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IEEE TRANSACTIONS ON ROBOTICS AND AUTOMATION, VOL. 17, NO. 3, JUNE 2001
229
A Solution to the Simultaneous Localization and Map Building (SLAM) Problem
M. W. M. Gamini Dissanayake, Member, IEEE, Paul Newman, Member, IEEE, Steven Clark, Hugh F. Durrant-Whyte, Member, IEEE, and M. Csorba
Abstract—The simultaneous localization and map building (SLAM) problem asks if it is possible for an autonomous vehicle to start in an unknown location in an unknown environment and then to incrementally build

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IEEE TRANSACTIONS ON ROBOTICS AND AUTOMATION, VOL. 17, NO. 3, JUNE 2001 229
A Solution to the Simultaneous Localization andMap Building (SLAM) Problem
M. W. M. Gamini Dissanayake
, Member, IEEE
, Paul Newman
, Member, IEEE
, Steven Clark,Hugh F. Durrant-Whyte
, Member, IEEE
, and M. Csorba
Abstract—
The simultaneous localization and map building(SLAM) problem asks if it is possible for an autonomous vehicleto start in an unknown location in an unknown environment andthen to incrementally build a map of this environment while si-multaneously using this map to compute absolute vehicle location.Starting from the estimation-theoretic foundations of this problemdeveloped in [1]–[3], this paper proves that a solution to theSLAM problem is indeed possible. The underlying structure of theSLAM problem is first elucidated. A proof that the estimated mapconverges monotonically to a relative map with zero uncertaintyis then developed. It is then shown that the absolute accuracy of the map and the vehicle location reach a lower bound definedonly by the initial vehicle uncertainty. Together, these resultsshow that it is possible for an autonomous vehicle to start inan unknown location in an unknown environment and, usingrelative observations only, incrementally build a perfect map of the world and to compute simultaneously a bounded estimate of vehicle location. This paper also describes a substantial imple-mentation of the SLAM algorithm on a vehicle operating in anoutdoor environment using millimeter-wave (MMW) radar toprovide relative map observations. This implementation is used todemonstrate how some key issues such as map management anddata association can be handled in a practical environment. Theresults obtained are cross-compared with absolute locations of themap landmarks obtained by surveying. In conclusion, this paperdiscusses a number of key issues raised by the solution to theSLAM problem including suboptimal map-building algorithmsand map management.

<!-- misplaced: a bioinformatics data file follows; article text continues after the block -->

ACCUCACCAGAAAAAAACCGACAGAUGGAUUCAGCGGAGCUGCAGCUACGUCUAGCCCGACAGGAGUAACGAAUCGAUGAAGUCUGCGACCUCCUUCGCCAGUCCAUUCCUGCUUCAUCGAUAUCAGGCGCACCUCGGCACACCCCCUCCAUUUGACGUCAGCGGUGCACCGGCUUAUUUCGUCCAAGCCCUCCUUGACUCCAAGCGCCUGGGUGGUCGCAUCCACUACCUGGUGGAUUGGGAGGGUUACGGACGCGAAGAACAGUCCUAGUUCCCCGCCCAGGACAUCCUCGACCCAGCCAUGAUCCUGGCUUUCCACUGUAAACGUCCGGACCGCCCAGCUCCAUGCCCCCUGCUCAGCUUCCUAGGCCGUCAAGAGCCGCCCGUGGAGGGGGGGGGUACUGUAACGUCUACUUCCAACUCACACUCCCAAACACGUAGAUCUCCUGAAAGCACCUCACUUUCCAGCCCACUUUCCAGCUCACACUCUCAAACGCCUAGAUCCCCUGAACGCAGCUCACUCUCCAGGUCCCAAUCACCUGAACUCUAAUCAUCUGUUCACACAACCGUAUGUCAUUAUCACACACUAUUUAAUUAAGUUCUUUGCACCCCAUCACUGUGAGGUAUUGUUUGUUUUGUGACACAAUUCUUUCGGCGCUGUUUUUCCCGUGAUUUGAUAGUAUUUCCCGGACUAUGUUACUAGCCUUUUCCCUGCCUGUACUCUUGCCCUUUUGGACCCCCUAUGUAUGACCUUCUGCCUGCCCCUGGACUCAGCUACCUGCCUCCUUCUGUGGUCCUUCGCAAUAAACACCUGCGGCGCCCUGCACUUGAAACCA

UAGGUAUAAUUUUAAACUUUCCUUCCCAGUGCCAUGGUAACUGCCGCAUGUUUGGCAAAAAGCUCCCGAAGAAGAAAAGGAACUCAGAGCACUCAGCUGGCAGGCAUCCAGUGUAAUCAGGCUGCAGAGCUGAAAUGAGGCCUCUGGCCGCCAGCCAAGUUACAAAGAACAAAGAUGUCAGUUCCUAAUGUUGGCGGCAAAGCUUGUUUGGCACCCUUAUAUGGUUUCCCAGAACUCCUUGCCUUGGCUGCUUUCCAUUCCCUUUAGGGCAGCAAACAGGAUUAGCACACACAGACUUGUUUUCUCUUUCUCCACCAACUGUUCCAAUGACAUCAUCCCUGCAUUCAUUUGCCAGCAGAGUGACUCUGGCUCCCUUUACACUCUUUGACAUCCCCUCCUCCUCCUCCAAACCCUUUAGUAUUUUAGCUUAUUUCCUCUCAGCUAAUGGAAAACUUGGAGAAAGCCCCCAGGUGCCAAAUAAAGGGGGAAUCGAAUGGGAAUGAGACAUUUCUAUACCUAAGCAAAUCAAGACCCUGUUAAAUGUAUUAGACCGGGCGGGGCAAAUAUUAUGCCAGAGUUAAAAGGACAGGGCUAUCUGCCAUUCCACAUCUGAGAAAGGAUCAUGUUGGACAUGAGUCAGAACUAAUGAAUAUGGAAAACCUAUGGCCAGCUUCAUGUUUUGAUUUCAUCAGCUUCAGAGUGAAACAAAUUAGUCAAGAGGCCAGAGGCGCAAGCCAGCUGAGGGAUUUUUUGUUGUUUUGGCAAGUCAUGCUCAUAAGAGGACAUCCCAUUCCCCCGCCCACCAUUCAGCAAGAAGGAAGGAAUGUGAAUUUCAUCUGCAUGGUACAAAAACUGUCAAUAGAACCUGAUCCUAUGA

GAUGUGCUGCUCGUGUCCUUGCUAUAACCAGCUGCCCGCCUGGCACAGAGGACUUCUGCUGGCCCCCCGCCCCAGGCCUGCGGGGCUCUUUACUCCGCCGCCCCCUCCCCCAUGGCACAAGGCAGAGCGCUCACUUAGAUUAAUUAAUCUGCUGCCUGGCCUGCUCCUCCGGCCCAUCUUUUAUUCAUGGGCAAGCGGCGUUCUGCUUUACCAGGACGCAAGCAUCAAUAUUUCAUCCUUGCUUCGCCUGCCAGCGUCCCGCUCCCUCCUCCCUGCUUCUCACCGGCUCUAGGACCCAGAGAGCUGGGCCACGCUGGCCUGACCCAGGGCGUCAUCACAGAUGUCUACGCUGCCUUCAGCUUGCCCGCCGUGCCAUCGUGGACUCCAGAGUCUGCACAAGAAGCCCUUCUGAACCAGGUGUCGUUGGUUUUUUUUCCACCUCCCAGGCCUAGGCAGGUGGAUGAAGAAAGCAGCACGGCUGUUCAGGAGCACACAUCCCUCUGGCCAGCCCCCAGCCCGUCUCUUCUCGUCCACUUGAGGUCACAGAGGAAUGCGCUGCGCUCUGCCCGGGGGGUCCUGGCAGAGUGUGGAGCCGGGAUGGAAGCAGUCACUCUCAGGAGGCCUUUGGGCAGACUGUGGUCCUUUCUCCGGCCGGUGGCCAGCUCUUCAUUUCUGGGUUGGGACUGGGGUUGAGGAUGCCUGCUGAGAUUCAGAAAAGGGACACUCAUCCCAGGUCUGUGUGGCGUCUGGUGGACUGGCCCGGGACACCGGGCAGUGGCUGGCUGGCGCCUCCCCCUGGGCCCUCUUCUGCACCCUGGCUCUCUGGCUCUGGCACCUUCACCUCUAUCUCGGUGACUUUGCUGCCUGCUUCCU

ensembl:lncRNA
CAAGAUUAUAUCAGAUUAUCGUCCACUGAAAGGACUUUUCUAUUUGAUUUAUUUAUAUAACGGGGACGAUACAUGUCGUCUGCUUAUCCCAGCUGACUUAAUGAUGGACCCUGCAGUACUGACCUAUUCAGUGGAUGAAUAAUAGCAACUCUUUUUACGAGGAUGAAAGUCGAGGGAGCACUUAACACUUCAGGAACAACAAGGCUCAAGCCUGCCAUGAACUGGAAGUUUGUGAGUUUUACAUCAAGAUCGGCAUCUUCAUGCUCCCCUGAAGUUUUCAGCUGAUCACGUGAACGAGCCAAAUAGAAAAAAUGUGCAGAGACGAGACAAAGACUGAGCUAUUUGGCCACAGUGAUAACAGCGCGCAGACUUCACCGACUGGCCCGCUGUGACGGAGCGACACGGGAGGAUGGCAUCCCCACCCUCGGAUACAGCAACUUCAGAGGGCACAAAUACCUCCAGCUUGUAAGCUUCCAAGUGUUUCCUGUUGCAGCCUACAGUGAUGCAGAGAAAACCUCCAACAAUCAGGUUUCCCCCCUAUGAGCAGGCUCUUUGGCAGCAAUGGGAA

Index Terms—
Autonomous navigation, millimeter wave radar,simultaneous localization and map building.
I. I
NTRODUCTION
T
HE solution to the simultaneous localization and mapbuilding (SLAM) problem is, in many respects, a “HolyGrail” of the autonomous vehicle research community. Theability to place an autonomous vehicle at an unknown locationin an unknown environment and then have it build a map, usingonly relative observations of the environment, and then to usethis map simultaneously to navigate would indeed make sucha robot “autonomous”. Thus the main advantage of SLAMis that it eliminates the need for artificial infrastructures or
a priori
topological knowledge of the environment. A solutionto the SLAM problem would be of inestimable value in a
Manuscript received March 22, 1999; revised September 15, 2000. Thispaper was recommended for publication by Associate Editor N. Xi and EditorV. Lumelsky upon evaluation of the reviewers’ comments.The authors are with the Department of Mechanical and Mechatronic Engi-neering, Australian Centre for Field Robotics, The University of Sydney, NSW2006, Australia (e-mail: pnewman@mit.edu).Publisher Item Identifier S 1042-296X(01)06731-3.